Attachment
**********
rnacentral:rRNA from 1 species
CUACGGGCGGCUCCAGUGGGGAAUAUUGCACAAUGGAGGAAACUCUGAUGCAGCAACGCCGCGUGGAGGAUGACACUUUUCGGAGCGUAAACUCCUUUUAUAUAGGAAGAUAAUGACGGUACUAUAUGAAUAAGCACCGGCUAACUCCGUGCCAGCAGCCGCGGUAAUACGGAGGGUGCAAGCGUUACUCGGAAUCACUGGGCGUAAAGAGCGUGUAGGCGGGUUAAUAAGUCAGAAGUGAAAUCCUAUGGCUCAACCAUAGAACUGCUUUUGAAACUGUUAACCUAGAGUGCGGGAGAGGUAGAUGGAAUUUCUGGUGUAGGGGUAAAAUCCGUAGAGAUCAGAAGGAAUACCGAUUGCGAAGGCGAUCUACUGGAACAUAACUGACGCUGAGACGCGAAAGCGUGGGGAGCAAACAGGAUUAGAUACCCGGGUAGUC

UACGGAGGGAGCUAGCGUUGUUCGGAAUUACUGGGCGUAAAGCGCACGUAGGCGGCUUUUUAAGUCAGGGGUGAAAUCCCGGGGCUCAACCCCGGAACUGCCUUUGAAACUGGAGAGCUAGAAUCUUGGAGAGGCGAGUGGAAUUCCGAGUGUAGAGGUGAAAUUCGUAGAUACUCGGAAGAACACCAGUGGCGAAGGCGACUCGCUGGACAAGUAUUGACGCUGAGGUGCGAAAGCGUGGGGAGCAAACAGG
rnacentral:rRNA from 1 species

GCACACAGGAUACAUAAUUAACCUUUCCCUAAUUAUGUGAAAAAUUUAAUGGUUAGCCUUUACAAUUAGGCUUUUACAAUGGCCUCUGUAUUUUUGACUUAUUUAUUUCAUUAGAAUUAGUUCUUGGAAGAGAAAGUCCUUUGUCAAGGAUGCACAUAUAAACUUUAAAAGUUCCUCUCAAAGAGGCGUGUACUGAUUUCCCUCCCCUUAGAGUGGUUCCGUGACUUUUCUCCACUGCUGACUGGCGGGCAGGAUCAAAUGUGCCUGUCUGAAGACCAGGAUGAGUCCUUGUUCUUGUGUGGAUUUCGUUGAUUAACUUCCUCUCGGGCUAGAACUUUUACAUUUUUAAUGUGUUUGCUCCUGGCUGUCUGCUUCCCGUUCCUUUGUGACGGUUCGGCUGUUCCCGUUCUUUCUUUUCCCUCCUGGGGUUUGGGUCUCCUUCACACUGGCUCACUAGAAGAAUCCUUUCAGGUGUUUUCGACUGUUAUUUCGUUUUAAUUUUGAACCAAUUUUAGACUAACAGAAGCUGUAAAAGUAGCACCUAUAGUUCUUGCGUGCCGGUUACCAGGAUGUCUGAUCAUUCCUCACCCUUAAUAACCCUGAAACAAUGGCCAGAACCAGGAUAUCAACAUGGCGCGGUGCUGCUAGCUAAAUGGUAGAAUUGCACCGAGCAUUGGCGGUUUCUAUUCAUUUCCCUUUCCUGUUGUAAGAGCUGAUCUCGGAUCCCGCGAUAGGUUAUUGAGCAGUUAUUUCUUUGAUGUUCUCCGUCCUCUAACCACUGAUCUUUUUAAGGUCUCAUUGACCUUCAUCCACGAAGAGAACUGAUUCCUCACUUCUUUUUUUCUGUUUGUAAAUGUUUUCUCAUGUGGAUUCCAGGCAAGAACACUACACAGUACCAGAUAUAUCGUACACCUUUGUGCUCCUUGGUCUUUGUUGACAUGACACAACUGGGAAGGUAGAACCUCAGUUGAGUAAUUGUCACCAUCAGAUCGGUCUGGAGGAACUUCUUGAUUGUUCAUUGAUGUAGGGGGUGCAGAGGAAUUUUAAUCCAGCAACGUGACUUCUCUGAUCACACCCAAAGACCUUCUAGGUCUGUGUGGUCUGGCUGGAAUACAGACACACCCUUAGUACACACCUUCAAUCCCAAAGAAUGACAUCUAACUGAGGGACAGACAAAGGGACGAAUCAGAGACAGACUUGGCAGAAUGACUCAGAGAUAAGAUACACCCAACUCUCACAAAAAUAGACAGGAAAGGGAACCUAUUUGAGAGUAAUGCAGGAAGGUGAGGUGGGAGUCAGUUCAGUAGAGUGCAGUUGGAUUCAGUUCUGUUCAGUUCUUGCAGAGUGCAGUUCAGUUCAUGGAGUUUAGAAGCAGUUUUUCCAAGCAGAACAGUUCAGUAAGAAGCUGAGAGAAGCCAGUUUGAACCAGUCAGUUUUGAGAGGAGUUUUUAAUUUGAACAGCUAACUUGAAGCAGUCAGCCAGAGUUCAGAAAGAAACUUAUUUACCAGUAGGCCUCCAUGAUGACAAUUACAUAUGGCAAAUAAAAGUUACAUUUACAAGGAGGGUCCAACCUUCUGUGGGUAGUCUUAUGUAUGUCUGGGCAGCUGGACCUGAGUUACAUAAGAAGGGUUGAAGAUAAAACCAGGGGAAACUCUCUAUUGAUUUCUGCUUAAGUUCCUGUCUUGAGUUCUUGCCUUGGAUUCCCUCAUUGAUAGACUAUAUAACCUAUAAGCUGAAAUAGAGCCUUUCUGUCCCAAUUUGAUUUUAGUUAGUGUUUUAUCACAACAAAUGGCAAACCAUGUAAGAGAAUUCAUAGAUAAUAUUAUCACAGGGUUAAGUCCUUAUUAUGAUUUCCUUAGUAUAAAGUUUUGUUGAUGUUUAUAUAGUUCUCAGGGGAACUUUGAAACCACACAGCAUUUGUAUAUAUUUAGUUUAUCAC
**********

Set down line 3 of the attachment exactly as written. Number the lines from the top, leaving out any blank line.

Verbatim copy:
UACGGAGGGAGCUAGCGUUGUUCGGAAUUACUGGGCGUAAAGCGCACGUAGGCGGCUUUUUAAGUCAGGGGUGAAAUCCCGGGGCUCAACCCCGGAACUGCCUUUGAAACUGGAGAGCUAGAAUCUUGGAGAGGCGAGUGGAAUUCCGAGUGUAGAGGUGAAAUUCGUAGAUACUCGGAAGAACACCAGUGGCGAAGGCGACUCGCUGGACAAGUAUUGACGCUGAGGUGCGAAAGCGUGGGGAGCAAACAGG